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PostPosted: Fri Jul 06, 2018 9:46 am Post subject: [OracleJDBC v8] Can't get time right from a DateTime field Reply with quote


Joined: 08 Sep 2017
Posts: 13


Working with jdbc driver in classes12.jar, trying to get the time from a DateTime field in a table I get 00:00:00-3:00 Instead of the actual time in the table (10:37:23).

Doing some research I found that I need to set the property connectionProperties on "oracle.jdbc.V8Compatible=true" acording to

To do this I looked up on IBM support and I found this:

However this only applies in the Toolkit at a DataSource level (and that only affects the connection in the definition). I was wondering how can I make this change in the configurable service (if possible at all) to fix the problem, or where should I make the change to set the fix permanent.

Some context:
IIB v10 fix 12
Windows Server 2012R2
Oracle 8
I'm working with the database definition (.dbm) and using the graphical mapping to do the SELECT.

Any Ideas?
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PostPosted: Wed Jul 11, 2018 10:38 am Post subject: Reply with quote


Joined: 08 Sep 2017
Posts: 13

So, just to give an answer for anyone looking into the same problem, I was able to solve it.

Based on the documentation from oracle (link below) there are a couple of options:

Prior to 9.2, the Oracle JDBC drivers mapped the DATE SQL type to java.sql.Timestamp. This made a certain amount of sense because the Oracle DATE SQL type contains both date and time information as does java.sql.Timestamp. The more obvious mapping to java.sql.Date was somewhat problematic as java.sql.Date does not include time information. It was also the case that the RDBMS did not support the TIMESTAMP SQL type, so there was no problem with mapping DATE to Timestamp.

In 9.2 TIMESTAMP support was added to the RDBMS. The difference between DATE and TIMESTAMP is that TIMESTAMP includes nanoseconds and DATE does not. So, beginning in 9.2, DATE is mapped to Date and TIMESTAMP is mapped to Timestamp. Unfortunately if you were relying on DATE values to contain time information, there is a problem.

There are several ways to address this problem in the 9.2 through 10.2 drivers:

    Alter your tables to use TIMESTAMP instead of DATE. This is probably rarely possible, but it is the best solution when it is.

    Alter your application to use defineColumnType to define the columns as TIMESTAMP rather than DATE. There are problems with this because you really don't want to use defineColumnType unless you have to (see What is defineColumnType and when should I use it? ).

    Alter you application to use getTimestamp rather than getObject. This is a good solution when possible, however many applications contain generic code that relies on getObject, so it isn't always possible.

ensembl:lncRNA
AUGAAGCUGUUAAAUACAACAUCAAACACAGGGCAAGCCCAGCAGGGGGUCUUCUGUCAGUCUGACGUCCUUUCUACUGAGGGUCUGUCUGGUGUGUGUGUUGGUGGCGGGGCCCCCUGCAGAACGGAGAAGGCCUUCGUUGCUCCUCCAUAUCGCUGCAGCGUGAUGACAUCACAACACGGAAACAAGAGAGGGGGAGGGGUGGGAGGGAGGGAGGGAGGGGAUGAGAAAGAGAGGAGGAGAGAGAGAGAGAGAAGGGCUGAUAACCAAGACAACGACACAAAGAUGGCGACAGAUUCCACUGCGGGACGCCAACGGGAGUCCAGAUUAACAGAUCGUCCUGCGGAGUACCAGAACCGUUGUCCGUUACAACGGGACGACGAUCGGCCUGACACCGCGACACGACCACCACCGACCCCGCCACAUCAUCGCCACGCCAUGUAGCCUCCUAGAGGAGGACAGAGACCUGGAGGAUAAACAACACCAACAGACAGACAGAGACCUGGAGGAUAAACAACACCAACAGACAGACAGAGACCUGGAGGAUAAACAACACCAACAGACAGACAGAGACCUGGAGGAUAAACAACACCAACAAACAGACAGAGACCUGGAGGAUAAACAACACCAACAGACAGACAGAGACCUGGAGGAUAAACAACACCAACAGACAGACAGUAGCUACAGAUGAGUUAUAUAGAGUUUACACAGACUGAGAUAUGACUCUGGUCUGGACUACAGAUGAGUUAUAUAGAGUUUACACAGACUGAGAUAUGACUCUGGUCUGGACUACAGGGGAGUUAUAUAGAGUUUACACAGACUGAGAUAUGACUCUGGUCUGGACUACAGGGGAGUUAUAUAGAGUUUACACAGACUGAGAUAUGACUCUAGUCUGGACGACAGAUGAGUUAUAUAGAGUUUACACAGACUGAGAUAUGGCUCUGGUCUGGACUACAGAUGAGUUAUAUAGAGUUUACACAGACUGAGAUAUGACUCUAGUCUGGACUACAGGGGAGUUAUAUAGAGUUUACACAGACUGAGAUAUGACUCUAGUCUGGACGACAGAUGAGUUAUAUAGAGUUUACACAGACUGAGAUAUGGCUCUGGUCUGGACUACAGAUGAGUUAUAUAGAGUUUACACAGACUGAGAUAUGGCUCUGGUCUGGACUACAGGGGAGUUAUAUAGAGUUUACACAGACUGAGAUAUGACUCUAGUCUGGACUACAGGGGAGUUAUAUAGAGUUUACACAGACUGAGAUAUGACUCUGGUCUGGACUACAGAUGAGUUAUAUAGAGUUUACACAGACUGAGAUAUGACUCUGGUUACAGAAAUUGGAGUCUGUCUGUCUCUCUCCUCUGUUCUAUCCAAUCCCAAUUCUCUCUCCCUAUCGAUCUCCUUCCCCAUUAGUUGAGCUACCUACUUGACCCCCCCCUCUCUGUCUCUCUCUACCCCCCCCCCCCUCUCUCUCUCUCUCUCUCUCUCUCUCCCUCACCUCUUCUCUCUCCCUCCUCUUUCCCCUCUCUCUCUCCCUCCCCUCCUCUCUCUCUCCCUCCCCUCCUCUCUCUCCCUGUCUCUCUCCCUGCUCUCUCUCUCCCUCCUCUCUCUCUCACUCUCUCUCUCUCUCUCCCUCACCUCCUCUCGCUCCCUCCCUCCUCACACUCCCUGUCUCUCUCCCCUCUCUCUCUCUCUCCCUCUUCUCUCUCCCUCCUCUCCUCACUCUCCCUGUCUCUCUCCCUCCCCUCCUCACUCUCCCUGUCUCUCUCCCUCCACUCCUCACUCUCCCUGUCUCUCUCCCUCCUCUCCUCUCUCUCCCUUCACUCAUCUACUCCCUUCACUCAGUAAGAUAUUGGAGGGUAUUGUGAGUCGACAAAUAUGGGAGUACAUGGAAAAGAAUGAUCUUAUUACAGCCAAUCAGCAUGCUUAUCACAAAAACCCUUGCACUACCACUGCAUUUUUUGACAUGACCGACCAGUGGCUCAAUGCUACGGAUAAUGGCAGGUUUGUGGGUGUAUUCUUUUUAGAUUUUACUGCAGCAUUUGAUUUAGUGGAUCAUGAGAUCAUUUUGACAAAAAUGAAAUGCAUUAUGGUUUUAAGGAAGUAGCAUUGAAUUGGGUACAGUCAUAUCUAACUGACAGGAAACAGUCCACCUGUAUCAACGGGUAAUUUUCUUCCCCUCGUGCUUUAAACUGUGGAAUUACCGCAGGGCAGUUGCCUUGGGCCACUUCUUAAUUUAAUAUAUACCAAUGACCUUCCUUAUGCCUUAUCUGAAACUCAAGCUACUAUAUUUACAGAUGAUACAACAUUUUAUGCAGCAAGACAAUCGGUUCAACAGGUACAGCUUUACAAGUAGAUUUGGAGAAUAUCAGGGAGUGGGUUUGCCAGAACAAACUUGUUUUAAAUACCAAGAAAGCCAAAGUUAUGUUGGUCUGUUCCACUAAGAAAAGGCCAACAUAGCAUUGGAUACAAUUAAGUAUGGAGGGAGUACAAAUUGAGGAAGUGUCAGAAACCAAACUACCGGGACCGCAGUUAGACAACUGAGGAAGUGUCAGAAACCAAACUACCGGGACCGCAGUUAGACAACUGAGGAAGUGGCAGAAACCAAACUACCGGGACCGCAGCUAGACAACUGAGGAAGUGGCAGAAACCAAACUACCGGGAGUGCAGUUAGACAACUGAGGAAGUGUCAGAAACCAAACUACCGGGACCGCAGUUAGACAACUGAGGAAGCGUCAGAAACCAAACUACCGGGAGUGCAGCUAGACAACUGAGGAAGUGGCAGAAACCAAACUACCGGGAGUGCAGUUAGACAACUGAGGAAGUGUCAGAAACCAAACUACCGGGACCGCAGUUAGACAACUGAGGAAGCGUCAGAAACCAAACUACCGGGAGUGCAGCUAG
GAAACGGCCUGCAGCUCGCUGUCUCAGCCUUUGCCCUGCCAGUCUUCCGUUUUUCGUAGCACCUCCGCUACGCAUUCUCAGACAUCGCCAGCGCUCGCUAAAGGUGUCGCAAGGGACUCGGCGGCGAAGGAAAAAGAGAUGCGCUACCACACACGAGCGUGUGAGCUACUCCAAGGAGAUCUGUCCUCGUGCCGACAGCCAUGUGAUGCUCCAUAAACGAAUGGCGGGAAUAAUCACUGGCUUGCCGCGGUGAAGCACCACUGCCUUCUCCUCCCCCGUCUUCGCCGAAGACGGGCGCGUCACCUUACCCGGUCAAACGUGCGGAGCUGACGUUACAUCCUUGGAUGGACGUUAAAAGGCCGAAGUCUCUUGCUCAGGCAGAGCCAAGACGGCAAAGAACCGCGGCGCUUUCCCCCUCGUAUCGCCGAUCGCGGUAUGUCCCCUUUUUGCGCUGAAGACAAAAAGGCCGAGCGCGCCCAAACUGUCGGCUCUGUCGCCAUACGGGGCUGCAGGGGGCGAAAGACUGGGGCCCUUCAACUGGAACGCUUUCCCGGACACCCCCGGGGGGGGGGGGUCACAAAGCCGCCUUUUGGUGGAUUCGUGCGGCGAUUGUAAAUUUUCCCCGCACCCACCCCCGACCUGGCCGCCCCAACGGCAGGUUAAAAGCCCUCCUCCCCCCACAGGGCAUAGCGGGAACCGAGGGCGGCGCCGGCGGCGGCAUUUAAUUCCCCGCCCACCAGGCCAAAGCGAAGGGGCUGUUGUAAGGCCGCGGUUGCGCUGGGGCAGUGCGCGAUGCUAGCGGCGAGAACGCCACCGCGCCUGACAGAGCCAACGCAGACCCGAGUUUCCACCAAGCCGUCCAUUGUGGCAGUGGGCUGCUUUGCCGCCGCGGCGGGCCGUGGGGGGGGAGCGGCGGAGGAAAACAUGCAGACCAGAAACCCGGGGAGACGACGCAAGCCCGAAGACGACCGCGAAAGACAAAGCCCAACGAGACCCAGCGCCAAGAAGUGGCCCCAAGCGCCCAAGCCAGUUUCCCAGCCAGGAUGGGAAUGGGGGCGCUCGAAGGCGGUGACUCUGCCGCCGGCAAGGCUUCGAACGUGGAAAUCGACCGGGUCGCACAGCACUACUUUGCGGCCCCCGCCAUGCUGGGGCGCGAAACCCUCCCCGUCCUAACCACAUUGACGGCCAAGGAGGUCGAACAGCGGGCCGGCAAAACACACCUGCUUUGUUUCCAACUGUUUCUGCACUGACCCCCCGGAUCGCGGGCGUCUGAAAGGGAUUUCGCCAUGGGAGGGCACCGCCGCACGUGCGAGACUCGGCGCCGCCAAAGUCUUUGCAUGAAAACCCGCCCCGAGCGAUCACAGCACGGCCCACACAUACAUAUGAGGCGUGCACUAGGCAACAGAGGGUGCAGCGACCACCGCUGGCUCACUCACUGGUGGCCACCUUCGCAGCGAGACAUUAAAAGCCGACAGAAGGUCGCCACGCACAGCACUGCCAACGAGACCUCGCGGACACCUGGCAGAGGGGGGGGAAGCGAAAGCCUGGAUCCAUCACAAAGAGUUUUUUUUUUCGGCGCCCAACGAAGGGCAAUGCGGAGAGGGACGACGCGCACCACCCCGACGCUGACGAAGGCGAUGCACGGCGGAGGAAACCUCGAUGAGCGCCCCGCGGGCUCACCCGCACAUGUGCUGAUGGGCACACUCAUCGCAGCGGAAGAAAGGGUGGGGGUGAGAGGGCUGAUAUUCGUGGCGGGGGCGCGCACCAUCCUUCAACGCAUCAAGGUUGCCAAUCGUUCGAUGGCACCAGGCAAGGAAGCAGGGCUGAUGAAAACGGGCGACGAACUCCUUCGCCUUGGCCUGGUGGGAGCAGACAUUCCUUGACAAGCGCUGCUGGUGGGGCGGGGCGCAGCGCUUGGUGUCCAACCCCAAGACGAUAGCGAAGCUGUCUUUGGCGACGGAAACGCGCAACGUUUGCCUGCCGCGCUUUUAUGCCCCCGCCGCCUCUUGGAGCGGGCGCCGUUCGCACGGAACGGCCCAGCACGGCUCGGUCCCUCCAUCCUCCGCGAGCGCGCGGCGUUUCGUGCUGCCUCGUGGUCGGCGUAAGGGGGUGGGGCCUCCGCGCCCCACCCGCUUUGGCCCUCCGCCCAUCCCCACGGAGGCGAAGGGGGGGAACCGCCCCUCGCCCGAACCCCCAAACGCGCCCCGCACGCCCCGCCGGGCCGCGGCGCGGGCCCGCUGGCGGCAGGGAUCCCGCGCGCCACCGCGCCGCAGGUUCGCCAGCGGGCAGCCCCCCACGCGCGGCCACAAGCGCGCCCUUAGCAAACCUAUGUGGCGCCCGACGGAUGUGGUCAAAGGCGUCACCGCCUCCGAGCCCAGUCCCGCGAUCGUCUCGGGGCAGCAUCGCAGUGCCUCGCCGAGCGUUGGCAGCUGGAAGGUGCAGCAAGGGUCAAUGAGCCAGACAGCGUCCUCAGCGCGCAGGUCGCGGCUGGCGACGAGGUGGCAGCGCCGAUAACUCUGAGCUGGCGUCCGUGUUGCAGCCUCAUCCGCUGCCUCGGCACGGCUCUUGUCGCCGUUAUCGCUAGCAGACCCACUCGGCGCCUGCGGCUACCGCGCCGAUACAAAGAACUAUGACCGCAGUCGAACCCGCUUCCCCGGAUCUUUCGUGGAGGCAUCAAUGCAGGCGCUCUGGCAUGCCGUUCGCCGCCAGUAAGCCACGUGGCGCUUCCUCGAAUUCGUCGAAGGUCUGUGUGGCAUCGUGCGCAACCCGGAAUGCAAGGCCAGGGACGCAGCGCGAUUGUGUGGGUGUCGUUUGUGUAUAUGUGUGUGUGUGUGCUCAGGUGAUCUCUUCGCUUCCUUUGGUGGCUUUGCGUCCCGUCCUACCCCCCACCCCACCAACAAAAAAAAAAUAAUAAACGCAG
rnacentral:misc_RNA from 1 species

Set the V8Compatible connection property. This tells the JDBC drivers to use the old mapping rather than the new one. You can set this flag either as a connection property or a system property. You set the connection property by adding it to the java.util.Properties object passed to DriverManager.getConnection or to OracleDataSource.setConnectionProperties. You set the system property by including a -D option in your java command line.

    java -Doracle.jdbc.V8Compatible="true" MyApp

Oracle JDBC 11.1 fixes this problem. Beginning with this release the driver maps SQL DATE columns to java.sql.Timestamp by default. There is no need to set V8Compatible to get the correct mapping. V8Compatible is strongly deprecated. You should not use it at all. If you do set it to true it won't hurt anything, but you should stop using it.

Although it was rarely used that way, V8Compatible existed not to fix the DATE to Date issue but to support compatibility with 8i databases. 8i (and older) databases did not support the TIMESTAMP type. Setting V8Compatible not only caused SQL DATE to be mapped to Timestamp when read from the database, it also caused all Timestamps to be converted to SQL DATE when written to the database. Since 8i is desupported, the 11.1 JDBC drivers do not support this compatibility mode. For this reason V8Compatible is desupported.

As mentioned above, the 11.1 drivers by default convert SQL DATE to Timestamp when reading from the database. This always was the right thing to do and the change in 9i was a mistake. The 11.1 drivers have reverted to the correct behavior. Even if you didn't set V8Compatible in your application you shouldn't see any difference in behavior in most cases. You may notice a difference if you use getObject to read a DATE column. The result will be a Timestamp rather than a Date. Since Timestamp is a subclass of Date this generally isn't a problem. Where you might notice a difference is if you relied on the conversion from DATE to Date to truncate the time component or if you do toString on the value. Otherwise the change should be transparent.

If for some reason your app is very sensitive to this change and you simply must have the 9i-10g behavior, there is a connection property you can set. Set mapDateToTimestamp to false and the driver will revert to the default 9i-10g behavior and map DATE to Date.


To give this property to the configurable service (V8Compatible) what you have to do is modify the connection url:


Hope it helps someone

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